Editor’s note: The last names of the two Israeli soldiers in this article have been omitted based on guidelines from the MSU ROTC.
“I want peace more than anything in the world,” said Lital S., former Israeli combat soldier in the border police unit of Israel Defense Forces, or IDF.
“But I will not apologize for defending my country or my right to live.”
Army and Air Force ROTC cadets attended a lecture Thursday at Demonstration Hall where Lital and Ari S., both of whom have had their last names omitted from this story, shared experiences from being a combat soldier. Ari S. said he wanted people to understand what it’s like to live in Israel, where there always is conflict.
Between personal stories about what they have seen in combat and how they work with the Israeli government, Lt. Col. Jeff McDonald, the chairperson for Department of Military Science for the MSU Army ROTC, said hearing the soldiers’ stories will help cadets learn how the army is different in other parts of the world.
“These types of dialogues challenge the cadets on their understanding (to) inspire them to go out and research the issues,” McDonald said. “It is hard to have both perspectives in one place, so this is a way where we can have discussions and learn.”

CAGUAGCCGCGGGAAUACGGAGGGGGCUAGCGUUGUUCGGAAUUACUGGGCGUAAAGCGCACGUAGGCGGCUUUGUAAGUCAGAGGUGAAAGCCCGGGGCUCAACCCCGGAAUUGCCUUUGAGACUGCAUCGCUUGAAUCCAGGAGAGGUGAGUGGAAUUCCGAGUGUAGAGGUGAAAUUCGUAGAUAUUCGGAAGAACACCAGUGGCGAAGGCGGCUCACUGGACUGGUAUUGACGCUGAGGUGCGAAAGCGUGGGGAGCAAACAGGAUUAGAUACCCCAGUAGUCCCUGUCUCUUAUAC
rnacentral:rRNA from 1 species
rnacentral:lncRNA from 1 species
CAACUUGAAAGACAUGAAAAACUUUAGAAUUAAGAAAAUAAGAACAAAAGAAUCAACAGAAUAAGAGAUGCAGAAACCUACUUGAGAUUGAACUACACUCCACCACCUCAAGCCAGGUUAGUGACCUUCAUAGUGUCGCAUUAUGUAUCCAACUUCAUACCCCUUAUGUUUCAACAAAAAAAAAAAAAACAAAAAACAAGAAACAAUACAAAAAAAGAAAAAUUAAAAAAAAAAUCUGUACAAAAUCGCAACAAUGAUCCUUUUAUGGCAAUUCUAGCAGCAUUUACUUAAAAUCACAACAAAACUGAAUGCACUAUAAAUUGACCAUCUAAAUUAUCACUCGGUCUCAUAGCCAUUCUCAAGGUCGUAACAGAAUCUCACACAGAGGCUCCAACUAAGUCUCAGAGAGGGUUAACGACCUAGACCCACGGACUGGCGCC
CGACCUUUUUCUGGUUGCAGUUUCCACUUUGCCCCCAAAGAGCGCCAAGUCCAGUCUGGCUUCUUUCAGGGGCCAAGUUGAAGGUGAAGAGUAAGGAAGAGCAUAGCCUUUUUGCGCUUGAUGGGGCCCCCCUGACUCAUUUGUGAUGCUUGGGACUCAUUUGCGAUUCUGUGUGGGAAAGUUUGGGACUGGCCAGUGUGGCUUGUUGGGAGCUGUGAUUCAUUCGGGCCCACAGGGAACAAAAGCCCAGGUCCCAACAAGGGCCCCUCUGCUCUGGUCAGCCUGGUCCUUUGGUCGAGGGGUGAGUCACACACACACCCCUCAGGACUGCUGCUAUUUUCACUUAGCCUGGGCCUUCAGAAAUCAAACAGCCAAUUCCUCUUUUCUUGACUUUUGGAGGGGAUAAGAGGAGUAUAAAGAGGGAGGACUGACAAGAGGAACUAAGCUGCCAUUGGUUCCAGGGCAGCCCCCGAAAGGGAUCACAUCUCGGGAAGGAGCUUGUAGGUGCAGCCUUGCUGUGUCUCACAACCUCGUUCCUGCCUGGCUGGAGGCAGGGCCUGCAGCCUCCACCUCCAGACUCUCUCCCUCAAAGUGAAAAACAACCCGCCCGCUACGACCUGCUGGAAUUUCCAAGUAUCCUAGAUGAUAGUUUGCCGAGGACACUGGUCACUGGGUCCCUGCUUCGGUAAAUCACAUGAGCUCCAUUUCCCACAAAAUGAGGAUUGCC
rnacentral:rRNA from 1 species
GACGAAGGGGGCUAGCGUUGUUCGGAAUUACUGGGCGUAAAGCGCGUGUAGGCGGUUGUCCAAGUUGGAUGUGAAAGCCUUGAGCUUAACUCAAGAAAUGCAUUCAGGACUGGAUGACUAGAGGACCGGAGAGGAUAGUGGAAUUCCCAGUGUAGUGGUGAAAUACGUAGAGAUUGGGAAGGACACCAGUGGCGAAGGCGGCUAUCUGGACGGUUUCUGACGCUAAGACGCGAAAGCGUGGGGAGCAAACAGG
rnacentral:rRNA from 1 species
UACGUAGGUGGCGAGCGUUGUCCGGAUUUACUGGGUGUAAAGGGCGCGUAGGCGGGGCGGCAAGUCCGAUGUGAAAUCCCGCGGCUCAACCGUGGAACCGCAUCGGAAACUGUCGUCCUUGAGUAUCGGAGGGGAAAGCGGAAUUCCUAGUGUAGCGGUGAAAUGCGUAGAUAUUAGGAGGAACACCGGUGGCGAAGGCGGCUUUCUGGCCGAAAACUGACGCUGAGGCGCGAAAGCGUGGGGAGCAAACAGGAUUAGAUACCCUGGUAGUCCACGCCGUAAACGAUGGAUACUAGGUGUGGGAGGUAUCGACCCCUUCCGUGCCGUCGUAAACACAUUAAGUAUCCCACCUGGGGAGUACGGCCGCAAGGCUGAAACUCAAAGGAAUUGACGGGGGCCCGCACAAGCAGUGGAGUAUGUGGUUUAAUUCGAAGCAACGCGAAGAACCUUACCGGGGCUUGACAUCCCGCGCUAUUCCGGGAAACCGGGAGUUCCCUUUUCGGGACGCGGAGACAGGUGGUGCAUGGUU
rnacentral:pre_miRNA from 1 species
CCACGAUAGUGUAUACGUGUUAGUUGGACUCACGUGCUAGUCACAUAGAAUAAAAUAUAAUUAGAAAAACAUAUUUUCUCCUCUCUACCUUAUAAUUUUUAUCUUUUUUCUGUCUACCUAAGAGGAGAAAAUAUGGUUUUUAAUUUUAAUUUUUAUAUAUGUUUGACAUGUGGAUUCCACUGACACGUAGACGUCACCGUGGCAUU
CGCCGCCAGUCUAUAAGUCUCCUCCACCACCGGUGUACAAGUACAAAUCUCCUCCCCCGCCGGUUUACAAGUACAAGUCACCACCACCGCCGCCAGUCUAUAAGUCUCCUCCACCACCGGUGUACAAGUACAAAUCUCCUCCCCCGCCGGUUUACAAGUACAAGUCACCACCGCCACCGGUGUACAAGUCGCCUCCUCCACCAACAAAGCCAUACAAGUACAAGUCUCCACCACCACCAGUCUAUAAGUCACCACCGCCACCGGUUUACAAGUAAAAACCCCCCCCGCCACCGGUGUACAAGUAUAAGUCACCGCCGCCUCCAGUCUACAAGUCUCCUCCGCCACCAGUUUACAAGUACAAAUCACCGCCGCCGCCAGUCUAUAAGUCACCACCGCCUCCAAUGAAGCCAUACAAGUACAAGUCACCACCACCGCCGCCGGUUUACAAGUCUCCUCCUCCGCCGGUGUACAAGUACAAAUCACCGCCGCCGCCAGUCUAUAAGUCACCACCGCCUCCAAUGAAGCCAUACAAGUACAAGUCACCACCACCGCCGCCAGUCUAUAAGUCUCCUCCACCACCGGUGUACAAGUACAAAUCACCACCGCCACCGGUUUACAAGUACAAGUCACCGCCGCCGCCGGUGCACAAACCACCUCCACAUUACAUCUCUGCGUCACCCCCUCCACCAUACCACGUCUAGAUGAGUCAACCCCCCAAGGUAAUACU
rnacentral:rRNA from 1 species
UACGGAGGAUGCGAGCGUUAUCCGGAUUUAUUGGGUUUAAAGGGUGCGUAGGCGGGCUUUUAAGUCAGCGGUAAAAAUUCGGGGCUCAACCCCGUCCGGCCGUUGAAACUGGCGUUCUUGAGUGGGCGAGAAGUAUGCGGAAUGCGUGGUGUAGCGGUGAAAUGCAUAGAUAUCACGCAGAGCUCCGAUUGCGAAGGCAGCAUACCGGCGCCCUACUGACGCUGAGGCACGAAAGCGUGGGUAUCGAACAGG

One of the main issues discussed during the lecture was about how the Pentagon announced Jan. 24 that women will be placed in combat roles.
Lital was a woman placed in a combat role in the IDF, and she shed light during the lecture on how the U.S. can begin the process of incorporating women and help women understand why it is so important.
“When I got into my specific unit, some guys would say comments like, ‘This girl can’t do what I do,’ but by going in these roles, it gives women more independence,” she said. “Women are not capable to do all the physical things, so the U.S. should find specific units where women can fit in.”
Abigail Ostwald, executive officer in Spartan Battalion, said hearing the two talk about their experiences was an interesting way to change other people’s opinions.
“There is something in the importance of learning about differences as well as similarities with other countries,” Ostwald said. “It can bridge the gap of previous ignorance or indifference.”
Lital said the lecture not only helps U.S. students hear about the workings of the Israeli army, but also helps show them why serving in the Israel army is an honor for most Israelis.
“When I joined the army, I wanted to guard my friends and family,” Shemesh said. “It’s not a choice, but a duty.”